Upon the publication of Triple Canopy’s tenth issue, we’re pleased to introduce readers to a redesigned and reorganized website, which features a new system for viewing articles. Two and half years ago, when designing the first iteration of Triple Canopy, we asked ourselves how we could slow down reading online to create a richer, more coherent experience than existed on the Internet. Whereas the vast majority of websites relied on vertically oriented, single-column layouts that required readers to burrow through reams of undifferentiated text, we traded the scroll for two historical information-organization tropes: the magazine page and the proto-browser application HyperCard.

This mode of presentation succeeded in eliciting among readers a deep and sustained engagement with the projects we’ve published. But the constraints of the framed page, while productive at first, eventually chafed as we sought to develop projects built around more various, multidimensional, and nonlinear experiences of text and visual media. A design hinging upon the metaphor of the page forefronted our effort to adapt print forms; as the virtual page has proliferated on the Web and mobile devices, we have become more interested in maintaining the essential quality of those forms—the experiences they engender—while shedding their containers. And so we asked ourselves how to insert a greater degree of plasticity into Triple Canopy’s format, in keeping with the increased fluidity of reading, viewing, and interacting online (and the explosion of the interfaces traditionally associated with those activities), while continuing to cultivate a deliberate, considered reading experience.

Ultimately, we decided to jettison the page entirely, atomizing it into a smaller structural unit, the column. Our hope is to restore some of the sophistication of modern, columnar print layouts while avoiding the pitfalls of slavishly translating that trope to the markedly different environment of the screen. This design will facilitate visual narratives that are seamless, yet allow audiovisual objects to maintain their own internal organization, their own autonomy; are expansive in their scope, yet granular in the way they tailor the reader’s interaction with specific elements of an article; are multidirectional yet propel the reader along a discrete horizon. (The article-layout system, Horizonize, is available to the public as an open-source application via GitHub.)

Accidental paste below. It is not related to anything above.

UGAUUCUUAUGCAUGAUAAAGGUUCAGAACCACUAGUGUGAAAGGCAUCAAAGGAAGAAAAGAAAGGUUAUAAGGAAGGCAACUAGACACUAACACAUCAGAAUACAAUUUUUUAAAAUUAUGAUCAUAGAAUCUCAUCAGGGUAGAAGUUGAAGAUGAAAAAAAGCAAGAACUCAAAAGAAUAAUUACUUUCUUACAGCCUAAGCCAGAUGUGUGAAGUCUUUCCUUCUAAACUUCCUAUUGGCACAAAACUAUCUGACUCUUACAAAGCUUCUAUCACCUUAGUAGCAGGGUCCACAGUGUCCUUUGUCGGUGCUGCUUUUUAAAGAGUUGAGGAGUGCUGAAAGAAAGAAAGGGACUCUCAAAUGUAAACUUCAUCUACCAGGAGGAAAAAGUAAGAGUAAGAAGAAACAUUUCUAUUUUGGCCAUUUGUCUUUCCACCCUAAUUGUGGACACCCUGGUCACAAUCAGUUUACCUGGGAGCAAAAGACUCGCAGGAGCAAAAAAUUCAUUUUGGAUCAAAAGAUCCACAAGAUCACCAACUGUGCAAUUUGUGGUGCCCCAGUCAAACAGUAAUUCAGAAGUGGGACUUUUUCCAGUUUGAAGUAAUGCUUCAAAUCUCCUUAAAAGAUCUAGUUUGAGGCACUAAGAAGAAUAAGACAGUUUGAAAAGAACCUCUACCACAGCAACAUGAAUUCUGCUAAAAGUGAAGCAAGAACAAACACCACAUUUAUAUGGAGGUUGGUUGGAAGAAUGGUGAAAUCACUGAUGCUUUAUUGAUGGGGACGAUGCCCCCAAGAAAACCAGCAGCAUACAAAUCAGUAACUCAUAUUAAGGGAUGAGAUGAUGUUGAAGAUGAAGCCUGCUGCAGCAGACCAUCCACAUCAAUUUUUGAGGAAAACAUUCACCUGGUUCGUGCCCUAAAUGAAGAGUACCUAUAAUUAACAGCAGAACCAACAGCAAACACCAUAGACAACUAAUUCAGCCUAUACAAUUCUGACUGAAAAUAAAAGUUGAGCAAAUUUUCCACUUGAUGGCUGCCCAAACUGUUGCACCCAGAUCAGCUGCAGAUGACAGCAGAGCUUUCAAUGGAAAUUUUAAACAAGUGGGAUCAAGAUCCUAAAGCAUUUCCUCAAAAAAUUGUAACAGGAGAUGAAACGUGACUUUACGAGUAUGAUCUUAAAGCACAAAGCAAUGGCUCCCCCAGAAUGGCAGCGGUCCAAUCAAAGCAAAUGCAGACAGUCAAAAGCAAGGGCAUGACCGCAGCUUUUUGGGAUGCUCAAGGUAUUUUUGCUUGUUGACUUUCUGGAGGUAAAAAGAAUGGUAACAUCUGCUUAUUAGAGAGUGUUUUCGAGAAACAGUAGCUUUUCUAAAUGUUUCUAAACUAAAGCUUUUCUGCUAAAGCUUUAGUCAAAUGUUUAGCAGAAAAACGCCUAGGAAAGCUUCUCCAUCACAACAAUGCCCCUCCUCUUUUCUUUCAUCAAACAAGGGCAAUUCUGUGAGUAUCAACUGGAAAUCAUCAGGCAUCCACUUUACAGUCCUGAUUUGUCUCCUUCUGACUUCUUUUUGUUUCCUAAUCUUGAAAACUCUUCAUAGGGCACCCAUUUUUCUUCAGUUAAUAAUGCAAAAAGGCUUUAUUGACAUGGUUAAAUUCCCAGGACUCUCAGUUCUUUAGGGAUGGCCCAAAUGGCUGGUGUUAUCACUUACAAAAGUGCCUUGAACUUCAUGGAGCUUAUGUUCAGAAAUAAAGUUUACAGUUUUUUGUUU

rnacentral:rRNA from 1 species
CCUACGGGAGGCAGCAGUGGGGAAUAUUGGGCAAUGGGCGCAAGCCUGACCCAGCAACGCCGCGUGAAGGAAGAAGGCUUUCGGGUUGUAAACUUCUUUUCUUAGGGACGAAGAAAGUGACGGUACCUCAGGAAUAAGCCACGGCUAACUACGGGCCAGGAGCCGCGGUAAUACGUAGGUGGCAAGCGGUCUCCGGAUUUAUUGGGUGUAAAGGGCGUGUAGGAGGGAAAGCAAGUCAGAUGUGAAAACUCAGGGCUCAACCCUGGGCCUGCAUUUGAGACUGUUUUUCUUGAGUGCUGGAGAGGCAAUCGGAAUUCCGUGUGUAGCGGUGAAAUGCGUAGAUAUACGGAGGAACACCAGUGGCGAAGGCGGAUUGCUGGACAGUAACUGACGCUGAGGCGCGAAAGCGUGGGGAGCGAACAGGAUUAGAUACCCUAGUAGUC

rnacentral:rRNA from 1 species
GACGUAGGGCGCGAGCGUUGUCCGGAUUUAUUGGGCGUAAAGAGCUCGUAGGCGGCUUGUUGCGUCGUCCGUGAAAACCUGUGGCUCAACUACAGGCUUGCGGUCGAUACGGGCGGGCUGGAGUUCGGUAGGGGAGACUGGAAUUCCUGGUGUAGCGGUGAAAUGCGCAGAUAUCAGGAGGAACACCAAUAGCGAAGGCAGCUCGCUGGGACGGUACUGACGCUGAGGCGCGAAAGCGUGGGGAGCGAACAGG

Triple Canopy sits at the crossroads of opposing media phenomena: Video pushes toward the high-resolution and the immersive, while writing—epitomized by the ultra-low-bandwidth, hacker-chic prose style of Twitter—becomes ever more clipped and disjointed, with reading habits following the heuristics of search-engine spiders. Television and movie screens encroach upon the periphery of vision via 3-D and IMAX, while tablet computers and smart phones shrink the windows in which text is delivered. But the variation of experiences these devices produce—however impoverished some may seem—provides ample evidence that the forms of our engagement with writing, with images, with books, with archives, with knowledge generally, remain fluid. Clearly, today’s technologies are playing an outsized role in determining how people engage with new and old media and the contexts in which they are considered. But those technologies need not be overly determined; the fervor accompanying their advent too often belies the productive tensions they have fomented. Triple Canopy’s new design is an effort to capitalize on those tensions, an argument for the high-resolution reading experience.

We hope you enjoy what Triple Canopy has become. Please feel free to email us with feedback (and to report bugs!).